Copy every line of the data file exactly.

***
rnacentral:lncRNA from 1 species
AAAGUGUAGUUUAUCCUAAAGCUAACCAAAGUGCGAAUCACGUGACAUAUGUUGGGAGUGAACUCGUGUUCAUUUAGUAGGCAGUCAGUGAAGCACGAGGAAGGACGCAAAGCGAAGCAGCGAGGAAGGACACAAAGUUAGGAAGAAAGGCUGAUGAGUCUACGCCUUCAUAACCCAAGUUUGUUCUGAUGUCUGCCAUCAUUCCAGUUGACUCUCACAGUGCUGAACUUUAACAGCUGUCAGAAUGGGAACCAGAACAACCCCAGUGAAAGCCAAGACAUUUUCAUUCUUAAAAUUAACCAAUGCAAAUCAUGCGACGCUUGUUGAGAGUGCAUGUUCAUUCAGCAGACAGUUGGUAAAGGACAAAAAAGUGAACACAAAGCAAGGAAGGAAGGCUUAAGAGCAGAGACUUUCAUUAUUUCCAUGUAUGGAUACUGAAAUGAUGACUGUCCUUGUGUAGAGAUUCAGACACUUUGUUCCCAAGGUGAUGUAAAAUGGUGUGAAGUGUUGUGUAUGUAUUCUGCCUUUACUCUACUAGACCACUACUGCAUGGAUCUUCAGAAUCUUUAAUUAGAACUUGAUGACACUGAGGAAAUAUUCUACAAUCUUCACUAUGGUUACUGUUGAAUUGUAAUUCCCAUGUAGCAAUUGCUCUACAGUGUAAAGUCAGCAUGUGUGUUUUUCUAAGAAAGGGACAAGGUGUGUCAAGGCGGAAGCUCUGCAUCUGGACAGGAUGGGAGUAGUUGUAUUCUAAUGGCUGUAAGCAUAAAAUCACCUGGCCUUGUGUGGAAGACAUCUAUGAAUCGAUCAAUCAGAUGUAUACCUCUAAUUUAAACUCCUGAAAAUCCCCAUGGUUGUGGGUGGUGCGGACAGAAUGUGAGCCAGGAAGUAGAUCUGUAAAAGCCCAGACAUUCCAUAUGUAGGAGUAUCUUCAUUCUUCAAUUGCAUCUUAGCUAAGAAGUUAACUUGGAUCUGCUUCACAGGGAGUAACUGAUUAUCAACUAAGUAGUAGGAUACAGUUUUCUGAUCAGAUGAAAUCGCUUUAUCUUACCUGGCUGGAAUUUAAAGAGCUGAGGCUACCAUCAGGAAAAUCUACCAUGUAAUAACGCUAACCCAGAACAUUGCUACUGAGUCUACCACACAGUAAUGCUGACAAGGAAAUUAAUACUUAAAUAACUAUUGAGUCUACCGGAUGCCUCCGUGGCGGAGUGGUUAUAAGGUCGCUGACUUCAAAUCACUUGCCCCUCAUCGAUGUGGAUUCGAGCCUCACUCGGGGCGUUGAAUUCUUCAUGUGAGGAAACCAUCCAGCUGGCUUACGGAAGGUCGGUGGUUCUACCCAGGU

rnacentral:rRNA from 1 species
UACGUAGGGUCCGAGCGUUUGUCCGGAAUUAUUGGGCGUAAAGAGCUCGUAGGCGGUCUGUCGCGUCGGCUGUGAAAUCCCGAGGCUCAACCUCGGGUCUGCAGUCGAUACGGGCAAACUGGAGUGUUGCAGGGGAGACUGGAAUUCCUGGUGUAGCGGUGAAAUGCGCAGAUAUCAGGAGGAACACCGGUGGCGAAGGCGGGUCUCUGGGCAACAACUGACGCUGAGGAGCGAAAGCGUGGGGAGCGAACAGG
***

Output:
rnacentral:lncRNA from 1 species
AAAGUGUAGUUUAUCCUAAAGCUAACCAAAGUGCGAAUCACGUGACAUAUGUUGGGAGUGAACUCGUGUUCAUUUAGUAGGCAGUCAGUGAAGCACGAGGAAGGACGCAAAGCGAAGCAGCGAGGAAGGACACAAAGUUAGGAAGAAAGGCUGAUGAGUCUACGCCUUCAUAACCCAAGUUUGUUCUGAUGUCUGCCAUCAUUCCAGUUGACUCUCACAGUGCUGAACUUUAACAGCUGUCAGAAUGGGAACCAGAACAACCCCAGUGAAAGCCAAGACAUUUUCAUUCUUAAAAUUAACCAAUGCAAAUCAUGCGACGCUUGUUGAGAGUGCAUGUUCAUUCAGCAGACAGUUGGUAAAGGACAAAAAAGUGAACACAAAGCAAGGAAGGAAGGCUUAAGAGCAGAGACUUUCAUUAUUUCCAUGUAUGGAUACUGAAAUGAUGACUGUCCUUGUGUAGAGAUUCAGACACUUUGUUCCCAAGGUGAUGUAAAAUGGUGUGAAGUGUUGUGUAUGUAUUCUGCCUUUACUCUACUAGACCACUACUGCAUGGAUCUUCAGAAUCUUUAAUUAGAACUUGAUGACACUGAGGAAAUAUUCUACAAUCUUCACUAUGGUUACUGUUGAAUUGUAAUUCCCAUGUAGCAAUUGCUCUACAGUGUAAAGUCAGCAUGUGUGUUUUUCUAAGAAAGGGACAAGGUGUGUCAAGGCGGAAGCUCUGCAUCUGGACAGGAUGGGAGUAGUUGUAUUCUAAUGGCUGUAAGCAUAAAAUCACCUGGCCUUGUGUGGAAGACAUCUAUGAAUCGAUCAAUCAGAUGUAUACCUCUAAUUUAAACUCCUGAAAAUCCCCAUGGUUGUGGGUGGUGCGGACAGAAUGUGAGCCAGGAAGUAGAUCUGUAAAAGCCCAGACAUUCCAUAUGUAGGAGUAUCUUCAUUCUUCAAUUGCAUCUUAGCUAAGAAGUUAACUUGGAUCUGCUUCACAGGGAGUAACUGAUUAUCAACUAAGUAGUAGGAUACAGUUUUCUGAUCAGAUGAAAUCGCUUUAUCUUACCUGGCUGGAAUUUAAAGAGCUGAGGCUACCAUCAGGAAAAUCUACCAUGUAAUAACGCUAACCCAGAACAUUGCUACUGAGUCUACCACACAGUAAUGCUGACAAGGAAAUUAAUACUUAAAUAACUAUUGAGUCUACCGGAUGCCUCCGUGGCGGAGUGGUUAUAAGGUCGCUGACUUCAAAUCACUUGCCCCUCAUCGAUGUGGAUUCGAGCCUCACUCGGGGCGUUGAAUUCUUCAUGUGAGGAAACCAUCCAGCUGGCUUACGGAAGGUCGGUGGUUCUACCCAGGU

rnacentral:rRNA from 1 species
UACGUAGGGUCCGAGCGUUUGUCCGGAAUUAUUGGGCGUAAAGAGCUCGUAGGCGGUCUGUCGCGUCGGCUGUGAAAUCCCGAGGCUCAACCUCGGGUCUGCAGUCGAUACGGGCAAACUGGAGUGUUGCAGGGGAGACUGGAAUUCCUGGUGUAGCGGUGAAAUGCGCAGAUAUCAGGAGGAACACCGGUGGCGAAGGCGGGUCUCUGGGCAACAACUGACGCUGAGGAGCGAAAGCGUGGGGAGCGAACAGG